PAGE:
It is not clear to me (as an end-user of Python) what is the value of exposing subinterpreters at the Python level except for multi core concurrency, but that requires one GIL per subinterpreter.

Paul Moore mentions “alternative code structuring” as a benefit, but I don’t know what that means in concrete terms.

If Paul or anyone else would make a case for the subinterpreters sharing a single GIL, that would be great.

I understand many PEPs have to do with reducing technical debt in CPython internals, which is great. But PEP 554 is about exposing a feature to Python end users, so without use cases for them I believe this PEP should be put in the back burner until such cases are articulated more clearly for the wider Python community.



On Sat, Apr 18, 2020 at 07:09 Paul Moore <> wrote:
On Sat, 18 Apr 2020 at 00:03, Eric Snow <> wrote:
> On Fri, Apr 17, 2020 at 2:59 PM Nathaniel Smith <> wrote:

> > I know you want folks to consider PEP 554 on its own merits, ignoring
> > the GIL-splitting work, but let's be realistic: purely as a
> > concurrency framework, there's at least a dozen more
> > mature/featureful/compelling options in the stdlib and on PyPI, and as
> > an isolation mechanism, subinterpreters have been around for >20 years
> > and in that time they've found 3 users and no previous champions.
> > Obviously the GIL stuff is the only reason PEP 554 might be worth
> > accepting.
> Saying it's "obviously" the "only" reason is a bit much. :)  PEP 554
> exposes existing functionality that hasn't been all that popular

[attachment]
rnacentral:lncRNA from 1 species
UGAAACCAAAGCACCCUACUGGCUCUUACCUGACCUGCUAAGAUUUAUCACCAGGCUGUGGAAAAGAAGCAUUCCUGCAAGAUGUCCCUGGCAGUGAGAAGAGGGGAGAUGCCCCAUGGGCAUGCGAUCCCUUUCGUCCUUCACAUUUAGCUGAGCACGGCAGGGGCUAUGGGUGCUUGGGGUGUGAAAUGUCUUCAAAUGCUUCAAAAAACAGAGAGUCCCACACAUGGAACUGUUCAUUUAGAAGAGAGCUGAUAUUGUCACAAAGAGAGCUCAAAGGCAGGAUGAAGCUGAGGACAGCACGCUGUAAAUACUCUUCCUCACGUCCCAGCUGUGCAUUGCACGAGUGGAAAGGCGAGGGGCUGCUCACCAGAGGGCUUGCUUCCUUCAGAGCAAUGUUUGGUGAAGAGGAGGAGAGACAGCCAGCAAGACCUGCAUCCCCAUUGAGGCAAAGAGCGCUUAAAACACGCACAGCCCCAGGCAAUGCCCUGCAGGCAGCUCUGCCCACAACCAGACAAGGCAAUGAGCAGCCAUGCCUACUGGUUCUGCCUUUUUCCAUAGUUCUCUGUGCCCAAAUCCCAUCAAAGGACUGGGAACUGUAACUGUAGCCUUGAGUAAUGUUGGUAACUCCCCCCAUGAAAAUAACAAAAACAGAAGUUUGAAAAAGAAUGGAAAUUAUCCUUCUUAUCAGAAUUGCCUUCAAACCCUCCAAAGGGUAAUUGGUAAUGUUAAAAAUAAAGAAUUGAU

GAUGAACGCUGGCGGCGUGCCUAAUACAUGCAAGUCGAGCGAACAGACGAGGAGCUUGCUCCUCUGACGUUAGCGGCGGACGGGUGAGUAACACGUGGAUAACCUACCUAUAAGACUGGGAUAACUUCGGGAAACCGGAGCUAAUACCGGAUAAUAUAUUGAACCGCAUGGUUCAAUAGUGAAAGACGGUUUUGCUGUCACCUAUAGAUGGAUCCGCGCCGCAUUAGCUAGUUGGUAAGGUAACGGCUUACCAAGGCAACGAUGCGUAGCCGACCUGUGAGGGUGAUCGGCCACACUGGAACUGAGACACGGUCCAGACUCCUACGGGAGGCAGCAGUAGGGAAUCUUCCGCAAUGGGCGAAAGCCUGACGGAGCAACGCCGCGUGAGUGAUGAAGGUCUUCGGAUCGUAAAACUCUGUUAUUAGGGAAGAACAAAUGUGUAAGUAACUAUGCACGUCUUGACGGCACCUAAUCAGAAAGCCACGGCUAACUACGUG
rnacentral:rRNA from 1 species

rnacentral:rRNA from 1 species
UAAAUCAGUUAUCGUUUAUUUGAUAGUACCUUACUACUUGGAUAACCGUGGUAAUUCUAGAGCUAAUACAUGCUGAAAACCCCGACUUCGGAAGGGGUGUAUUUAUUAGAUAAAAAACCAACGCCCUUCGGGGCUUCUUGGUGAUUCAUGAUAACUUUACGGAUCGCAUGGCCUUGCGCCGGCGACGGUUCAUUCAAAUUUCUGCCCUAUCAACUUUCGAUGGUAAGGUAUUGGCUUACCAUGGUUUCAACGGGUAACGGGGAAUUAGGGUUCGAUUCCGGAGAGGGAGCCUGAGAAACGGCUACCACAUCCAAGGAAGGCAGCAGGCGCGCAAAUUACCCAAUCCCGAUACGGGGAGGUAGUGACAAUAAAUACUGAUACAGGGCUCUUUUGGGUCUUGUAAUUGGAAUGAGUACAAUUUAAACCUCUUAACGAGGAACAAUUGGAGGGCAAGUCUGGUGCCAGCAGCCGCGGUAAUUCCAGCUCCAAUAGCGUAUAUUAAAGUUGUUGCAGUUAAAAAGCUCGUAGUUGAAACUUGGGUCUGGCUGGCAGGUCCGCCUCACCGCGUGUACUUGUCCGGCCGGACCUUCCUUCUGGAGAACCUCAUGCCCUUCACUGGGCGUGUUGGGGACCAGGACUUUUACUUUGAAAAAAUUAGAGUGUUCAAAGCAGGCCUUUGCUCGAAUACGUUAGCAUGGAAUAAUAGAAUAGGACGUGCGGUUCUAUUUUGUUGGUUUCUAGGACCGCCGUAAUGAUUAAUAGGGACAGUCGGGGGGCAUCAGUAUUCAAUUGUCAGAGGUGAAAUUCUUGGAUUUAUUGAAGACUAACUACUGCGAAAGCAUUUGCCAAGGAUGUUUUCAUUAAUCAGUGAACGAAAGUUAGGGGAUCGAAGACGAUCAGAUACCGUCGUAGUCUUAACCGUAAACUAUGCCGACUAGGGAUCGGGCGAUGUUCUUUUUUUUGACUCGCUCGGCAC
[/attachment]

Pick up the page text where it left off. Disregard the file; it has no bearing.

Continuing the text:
> (until recently for some reason <wink>) mostly because it is old, was
> never publicized (until recently), and involved using the C-API.  As
> soon as folks learn about it they want it, for various reasons
> including (relative) isolation and reduced resource usage in
> large-scale deployment scenarios.  It becomes even more attractive if
> you say subinterpreters allow you to work around the GIL in a single
> process, but that isn't the only reason.

As some context in contrast to Nathaniel's view, I remember back
around 15 years ago, when I first discovered the subinterpreter
support in the C API, I was tremendously interested in it, and very
frustrated that it wasn't exposed in Python. (To be fair, I was still
using Perl at the time, and it reminded me of Perl's implementation of
fork on Windows using subinterpreters, so maybe I was primed to see
use cases for it). I never did enough extension coding to use it in C,
but I remained interested in it for some time.

This PEP is very exciting for me, precisely because it gives me a
chance to explore subinterpreters from Python, which I've been
interested in for all those years. I've not really thought of it in
terms of concurrency, so the GIL isn't key to me, but more as an
alternative code structuring option. I don't know if I'll use it much
in production code, but being able to experiment and assess the
options is something I'm looking forward to. So I for one am grateful
to you for doing this work, and I'm in favour of it being in 3.9, just
so I can get my hands on it at last.

I do think that making it initially provisional may be a sensible
option, as it gives us the option to refine the Python API while
people are still learning how to use the new model.

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Luciano Ramalho
|  Author of Fluent Python (O'Reilly, 2015)
|  Technical Principal at ThoughtWorks
|  Twitter: @ramalhoorg